However, domestic political pressures are building for President Barack Obama to speed up his plans to get out of Afghanistan. In December 2009, when Obama announced his plans to send in an extra 30,000 troops (on top of the 24,000 he added the previous March), he also said that he would begin to withdraw some of them by July 2011. (More recently, NATO announced that all troops would come out by the end of 2014.) With the magic date just two months away, the debate has begun over just how many U.S. troops—out of the current 100,000—Obama should withdraw and how many of those should be combat troops. Many are arguing that Obama should use the killing of Osama as an excuse (as Sen. George Aiken once proposed that President Lyndon Johnson do in the early years of the Vietnam War) to "declare victory and get out."
It must be tempting. The war's costs, in dollars and lives, are exorbitant. Despite the tactical victories that Gen. David Petraeus is racking up, the broader counterinsurgency strategy—which involves "winning hearts and minds" in order to get the Afghan people to support their government—doesn't seem to be working, not least because the Afghan government is too corrupt or incompetent to earn their trust. (For the latest on this, see Jon Lee Anderson's depressing report in the May 11 New Yorker.)
But if it matters to U.S. interests how the war ends—whither Afghanistan and its effects on the broader region—then it's a bad idea simply to walk away. And it's fairly clear that the outcome does matter to U.S. interests.
This doesn't mean we should necessarily "stay the course." We are getting out, if not in two months then (officially) in three years. All the players—the Afghan government, the Taliban, the Pakistanis, the Afghan people—are already behaving in anticipation of our departure. So we should, first of all, recognize that fact and make the most of it.
Afghan President Hamid Karzai must be extremely nervous that Obama will do what many in Congress, and some in the White House, are hoping—cite Bin Laden's death as an excuse to go home. So we should exploit this situation, use it as leverage to get Karzai to step up reforms, especially to take meaningful steps toward ending corruption. As every U.S. leader has publicly stated, from Obama on down to Secretary of Defense Robert Gates and the entire military chain of command, even the most effective military campaign will have little effect if the Afghan people regard their government as illegitimate.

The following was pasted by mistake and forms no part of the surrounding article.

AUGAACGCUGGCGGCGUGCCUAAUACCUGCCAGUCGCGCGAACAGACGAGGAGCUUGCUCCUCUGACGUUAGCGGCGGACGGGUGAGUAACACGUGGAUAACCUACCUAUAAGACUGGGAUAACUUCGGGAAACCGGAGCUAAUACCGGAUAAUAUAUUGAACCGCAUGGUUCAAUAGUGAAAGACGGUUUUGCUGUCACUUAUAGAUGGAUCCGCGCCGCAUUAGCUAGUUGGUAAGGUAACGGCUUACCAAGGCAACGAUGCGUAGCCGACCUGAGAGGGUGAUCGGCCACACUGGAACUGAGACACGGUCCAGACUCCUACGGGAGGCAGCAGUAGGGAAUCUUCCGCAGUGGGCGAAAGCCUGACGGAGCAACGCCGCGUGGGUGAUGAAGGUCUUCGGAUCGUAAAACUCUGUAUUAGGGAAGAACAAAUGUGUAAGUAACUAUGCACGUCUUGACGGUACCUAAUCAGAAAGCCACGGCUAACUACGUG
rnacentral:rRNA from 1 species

At the same time, commanders and diplomats should exploit whatever fissures Bin Laden's death might have opened up—not just between the various Taliban factions but, more, between the insurgent commanders, who tend to lounge in the shelters of Pakistan, and the foot soldiers bleeding on the battlefields of Afghanistan. It's unclear at this point whether a diplomatic settlement is possible, or what it would look like—but it's time to start seriously crafting its foundations.
It's also time for a serious diplomatic push outside Afghan borders. Early in his presidency, Obama recognized that this problem was regional in nature—and that the solution would have to be, too. The late Richard Holbrooke coined the term "AfPak," to suggest its scope, but stopped short of AfPakInd, which captures things more fully. The leaders of India were the obstacle here, insisting that they be left out of any regional package, wanting to be dealt with individually, on their own terms, as the world's largest, and one of its fastest-growing, democracies. They had a point, but it's time to bunch the three countries together anyway, at least in a security forum, and perhaps to include Russia, China, and other interested parties as well. This is difficult, maybe close to impossible. But without dealing with this dimension, the problem won't be solved.
Which brings us to the issue that Bin Laden's death has revived as a debatable topic: the question of U.S. troops. The fact is that the United States needs leverage in order to apply the necessary pressure (to get Karzai moving on reform, the Pakistanis and Indians to get moving on détente, and the other regional and global powers to offer security guarantees, economic incentives, or whatever a peaceful arrangement requires)—and we will have no leverage if everyone thinks we're getting out quickly.
It's a delicate matter: holding out the possibility of a rapid pullout, to exert leverage on some fronts—while demonstrating a continued presence, and keeping up the military pressure, to exert leverage on other fronts. Maybe Obama's new national-security team—especially Ryan Crocker, the incoming ambassador in Kabul—can juggle all these swords. Maybe it's just not possible.
There are two alternatives to this approach: keep doing what we've been doing and stay there forever while the regional politics continue to stagnate—or just get out and watch it all crumble.
This is what the real debate should be about: what we want Afghanistan and its surroundings to look like in, say, five years—and how best to make that so. Anything else is a distracting cop-out.